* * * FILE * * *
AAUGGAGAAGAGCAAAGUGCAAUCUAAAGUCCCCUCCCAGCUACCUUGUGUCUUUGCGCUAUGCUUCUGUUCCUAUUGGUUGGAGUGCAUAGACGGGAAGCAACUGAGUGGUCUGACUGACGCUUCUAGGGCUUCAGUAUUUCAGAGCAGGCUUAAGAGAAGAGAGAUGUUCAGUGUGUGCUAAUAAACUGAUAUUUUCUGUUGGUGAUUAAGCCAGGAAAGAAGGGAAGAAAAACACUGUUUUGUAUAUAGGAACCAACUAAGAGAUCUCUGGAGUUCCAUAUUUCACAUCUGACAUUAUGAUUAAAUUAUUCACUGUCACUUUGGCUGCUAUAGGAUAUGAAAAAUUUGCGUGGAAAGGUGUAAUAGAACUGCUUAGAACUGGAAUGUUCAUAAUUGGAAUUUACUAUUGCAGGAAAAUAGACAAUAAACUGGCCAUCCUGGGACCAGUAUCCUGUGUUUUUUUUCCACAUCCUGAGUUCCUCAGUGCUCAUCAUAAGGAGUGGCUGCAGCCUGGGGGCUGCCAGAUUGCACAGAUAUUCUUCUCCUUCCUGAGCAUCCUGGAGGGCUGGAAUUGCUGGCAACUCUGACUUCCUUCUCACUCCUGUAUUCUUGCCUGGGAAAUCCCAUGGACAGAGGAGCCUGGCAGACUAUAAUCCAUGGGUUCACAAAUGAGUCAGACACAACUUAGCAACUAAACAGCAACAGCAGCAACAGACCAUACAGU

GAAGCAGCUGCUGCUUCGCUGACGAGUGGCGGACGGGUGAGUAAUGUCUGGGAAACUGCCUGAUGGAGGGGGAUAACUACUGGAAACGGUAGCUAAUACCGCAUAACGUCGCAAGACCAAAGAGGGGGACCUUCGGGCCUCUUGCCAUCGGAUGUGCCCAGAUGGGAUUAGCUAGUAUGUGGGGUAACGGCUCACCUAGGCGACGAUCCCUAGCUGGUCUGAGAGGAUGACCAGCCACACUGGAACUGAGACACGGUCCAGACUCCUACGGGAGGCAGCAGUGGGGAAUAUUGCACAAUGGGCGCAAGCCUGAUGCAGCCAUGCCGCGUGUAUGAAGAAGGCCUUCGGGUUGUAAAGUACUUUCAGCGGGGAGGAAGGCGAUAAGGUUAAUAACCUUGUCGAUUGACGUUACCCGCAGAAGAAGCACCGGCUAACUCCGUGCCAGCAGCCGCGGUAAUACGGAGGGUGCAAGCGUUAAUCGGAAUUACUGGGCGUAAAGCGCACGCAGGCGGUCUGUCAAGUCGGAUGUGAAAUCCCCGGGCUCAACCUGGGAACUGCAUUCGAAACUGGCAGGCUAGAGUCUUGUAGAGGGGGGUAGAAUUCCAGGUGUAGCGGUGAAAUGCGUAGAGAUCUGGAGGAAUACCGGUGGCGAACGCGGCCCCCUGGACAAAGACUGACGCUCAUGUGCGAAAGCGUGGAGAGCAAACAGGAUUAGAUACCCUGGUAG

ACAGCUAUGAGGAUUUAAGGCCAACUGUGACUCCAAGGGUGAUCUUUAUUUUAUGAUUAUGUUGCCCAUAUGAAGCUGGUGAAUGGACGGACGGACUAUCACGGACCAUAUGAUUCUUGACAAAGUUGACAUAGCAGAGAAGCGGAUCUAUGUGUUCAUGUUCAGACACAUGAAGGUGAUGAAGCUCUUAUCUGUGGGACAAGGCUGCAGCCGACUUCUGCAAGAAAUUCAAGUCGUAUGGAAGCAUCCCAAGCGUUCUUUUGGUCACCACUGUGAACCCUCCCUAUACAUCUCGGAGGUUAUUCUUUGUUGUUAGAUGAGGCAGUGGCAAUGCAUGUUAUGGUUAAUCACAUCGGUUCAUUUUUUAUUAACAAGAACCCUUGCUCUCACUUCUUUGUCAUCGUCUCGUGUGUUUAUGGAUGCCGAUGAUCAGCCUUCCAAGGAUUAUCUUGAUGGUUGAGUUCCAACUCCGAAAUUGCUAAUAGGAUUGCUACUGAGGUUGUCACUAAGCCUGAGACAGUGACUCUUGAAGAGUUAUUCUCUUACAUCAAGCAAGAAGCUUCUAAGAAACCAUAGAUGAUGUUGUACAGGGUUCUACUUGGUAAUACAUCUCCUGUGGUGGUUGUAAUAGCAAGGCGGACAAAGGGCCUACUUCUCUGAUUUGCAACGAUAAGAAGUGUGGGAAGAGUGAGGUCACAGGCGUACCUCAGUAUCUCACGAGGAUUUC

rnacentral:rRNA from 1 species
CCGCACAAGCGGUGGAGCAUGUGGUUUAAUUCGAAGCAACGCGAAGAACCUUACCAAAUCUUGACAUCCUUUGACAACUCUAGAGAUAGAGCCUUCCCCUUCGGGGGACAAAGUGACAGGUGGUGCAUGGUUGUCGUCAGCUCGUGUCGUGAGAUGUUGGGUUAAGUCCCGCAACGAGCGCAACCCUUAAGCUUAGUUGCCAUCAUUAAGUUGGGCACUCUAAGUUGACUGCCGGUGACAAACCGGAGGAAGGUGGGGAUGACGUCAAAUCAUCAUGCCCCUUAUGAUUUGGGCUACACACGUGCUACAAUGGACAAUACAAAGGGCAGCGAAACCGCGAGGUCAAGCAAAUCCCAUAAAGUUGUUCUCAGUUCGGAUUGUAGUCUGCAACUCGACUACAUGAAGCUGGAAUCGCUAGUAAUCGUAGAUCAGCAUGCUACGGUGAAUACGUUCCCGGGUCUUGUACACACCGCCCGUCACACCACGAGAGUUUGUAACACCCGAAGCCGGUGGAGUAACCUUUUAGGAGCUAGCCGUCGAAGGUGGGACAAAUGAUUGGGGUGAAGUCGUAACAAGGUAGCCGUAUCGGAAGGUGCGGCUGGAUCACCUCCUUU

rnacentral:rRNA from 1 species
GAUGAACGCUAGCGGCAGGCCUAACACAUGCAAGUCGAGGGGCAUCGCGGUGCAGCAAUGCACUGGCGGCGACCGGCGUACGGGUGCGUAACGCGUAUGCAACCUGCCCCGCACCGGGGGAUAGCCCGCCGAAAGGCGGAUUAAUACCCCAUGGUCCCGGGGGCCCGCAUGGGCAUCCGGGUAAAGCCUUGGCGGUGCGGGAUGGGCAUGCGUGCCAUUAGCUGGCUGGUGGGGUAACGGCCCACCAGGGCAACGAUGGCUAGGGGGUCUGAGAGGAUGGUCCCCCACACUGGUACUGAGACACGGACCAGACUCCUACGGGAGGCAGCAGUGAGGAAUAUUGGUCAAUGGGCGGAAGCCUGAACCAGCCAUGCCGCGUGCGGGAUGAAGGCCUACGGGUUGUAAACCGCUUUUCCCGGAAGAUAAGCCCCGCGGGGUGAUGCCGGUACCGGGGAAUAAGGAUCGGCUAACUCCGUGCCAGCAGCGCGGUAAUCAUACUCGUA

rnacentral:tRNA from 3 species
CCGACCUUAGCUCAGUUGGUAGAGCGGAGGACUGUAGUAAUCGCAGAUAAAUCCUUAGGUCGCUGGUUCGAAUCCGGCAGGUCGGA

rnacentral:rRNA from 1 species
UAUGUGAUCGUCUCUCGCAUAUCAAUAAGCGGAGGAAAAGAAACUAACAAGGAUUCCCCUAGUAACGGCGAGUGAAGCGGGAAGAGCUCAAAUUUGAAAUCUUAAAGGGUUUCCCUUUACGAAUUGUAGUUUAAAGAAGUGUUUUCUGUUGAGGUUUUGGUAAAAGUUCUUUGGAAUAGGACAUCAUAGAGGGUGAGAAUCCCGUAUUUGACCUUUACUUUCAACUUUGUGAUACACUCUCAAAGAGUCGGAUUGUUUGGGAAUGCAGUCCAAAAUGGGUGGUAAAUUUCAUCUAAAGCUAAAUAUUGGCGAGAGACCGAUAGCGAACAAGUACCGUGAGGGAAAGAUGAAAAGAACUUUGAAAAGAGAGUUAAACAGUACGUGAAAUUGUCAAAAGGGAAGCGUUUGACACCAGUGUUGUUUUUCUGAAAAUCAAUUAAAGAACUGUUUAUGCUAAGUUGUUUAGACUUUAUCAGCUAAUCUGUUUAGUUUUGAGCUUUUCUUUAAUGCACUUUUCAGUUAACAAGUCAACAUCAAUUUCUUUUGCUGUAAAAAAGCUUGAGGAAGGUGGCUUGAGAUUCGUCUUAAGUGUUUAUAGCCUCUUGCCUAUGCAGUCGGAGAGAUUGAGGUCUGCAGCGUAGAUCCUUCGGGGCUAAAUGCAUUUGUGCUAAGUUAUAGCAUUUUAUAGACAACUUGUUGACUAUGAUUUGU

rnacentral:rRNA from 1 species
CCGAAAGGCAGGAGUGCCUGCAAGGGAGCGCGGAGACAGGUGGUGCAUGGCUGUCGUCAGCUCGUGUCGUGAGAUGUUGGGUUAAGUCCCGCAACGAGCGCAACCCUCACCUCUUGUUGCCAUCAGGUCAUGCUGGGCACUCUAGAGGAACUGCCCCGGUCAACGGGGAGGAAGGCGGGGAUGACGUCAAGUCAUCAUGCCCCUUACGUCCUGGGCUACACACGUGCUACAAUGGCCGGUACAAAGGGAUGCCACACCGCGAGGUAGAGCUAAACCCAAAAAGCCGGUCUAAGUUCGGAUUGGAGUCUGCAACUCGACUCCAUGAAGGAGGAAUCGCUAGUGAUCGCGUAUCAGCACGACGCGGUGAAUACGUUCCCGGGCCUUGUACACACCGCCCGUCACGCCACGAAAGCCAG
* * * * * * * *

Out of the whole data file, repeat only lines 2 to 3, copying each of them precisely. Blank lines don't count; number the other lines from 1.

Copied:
GAAGCAGCUGCUGCUUCGCUGACGAGUGGCGGACGGGUGAGUAAUGUCUGGGAAACUGCCUGAUGGAGGGGGAUAACUACUGGAAACGGUAGCUAAUACCGCAUAACGUCGCAAGACCAAAGAGGGGGACCUUCGGGCCUCUUGCCAUCGGAUGUGCCCAGAUGGGAUUAGCUAGUAUGUGGGGUAACGGCUCACCUAGGCGACGAUCCCUAGCUGGUCUGAGAGGAUGACCAGCCACACUGGAACUGAGACACGGUCCAGACUCCUACGGGAGGCAGCAGUGGGGAAUAUUGCACAAUGGGCGCAAGCCUGAUGCAGCCAUGCCGCGUGUAUGAAGAAGGCCUUCGGGUUGUAAAGUACUUUCAGCGGGGAGGAAGGCGAUAAGGUUAAUAACCUUGUCGAUUGACGUUACCCGCAGAAGAAGCACCGGCUAACUCCGUGCCAGCAGCCGCGGUAAUACGGAGGGUGCAAGCGUUAAUCGGAAUUACUGGGCGUAAAGCGCACGCAGGCGGUCUGUCAAGUCGGAUGUGAAAUCCCCGGGCUCAACCUGGGAACUGCAUUCGAAACUGGCAGGCUAGAGUCUUGUAGAGGGGGGUAGAAUUCCAGGUGUAGCGGUGAAAUGCGUAGAGAUCUGGAGGAAUACCGGUGGCGAACGCGGCCCCCUGGACAAAGACUGACGCUCAUGUGCGAAAGCGUGGAGAGCAAACAGGAUUAGAUACCCUGGUAG

ACAGCUAUGAGGAUUUAAGGCCAACUGUGACUCCAAGGGUGAUCUUUAUUUUAUGAUUAUGUUGCCCAUAUGAAGCUGGUGAAUGGACGGACGGACUAUCACGGACCAUAUGAUUCUUGACAAAGUUGACAUAGCAGAGAAGCGGAUCUAUGUGUUCAUGUUCAGACACAUGAAGGUGAUGAAGCUCUUAUCUGUGGGACAAGGCUGCAGCCGACUUCUGCAAGAAAUUCAAGUCGUAUGGAAGCAUCCCAAGCGUUCUUUUGGUCACCACUGUGAACCCUCCCUAUACAUCUCGGAGGUUAUUCUUUGUUGUUAGAUGAGGCAGUGGCAAUGCAUGUUAUGGUUAAUCACAUCGGUUCAUUUUUUAUUAACAAGAACCCUUGCUCUCACUUCUUUGUCAUCGUCUCGUGUGUUUAUGGAUGCCGAUGAUCAGCCUUCCAAGGAUUAUCUUGAUGGUUGAGUUCCAACUCCGAAAUUGCUAAUAGGAUUGCUACUGAGGUUGUCACUAAGCCUGAGACAGUGACUCUUGAAGAGUUAUUCUCUUACAUCAAGCAAGAAGCUUCUAAGAAACCAUAGAUGAUGUUGUACAGGGUUCUACUUGGUAAUACAUCUCCUGUGGUGGUUGUAAUAGCAAGGCGGACAAAGGGCCUACUUCUCUGAUUUGCAACGAUAAGAAGUGUGGGAAGAGUGAGGUCACAGGCGUACCUCAGUAUCUCACGAGGAUUUC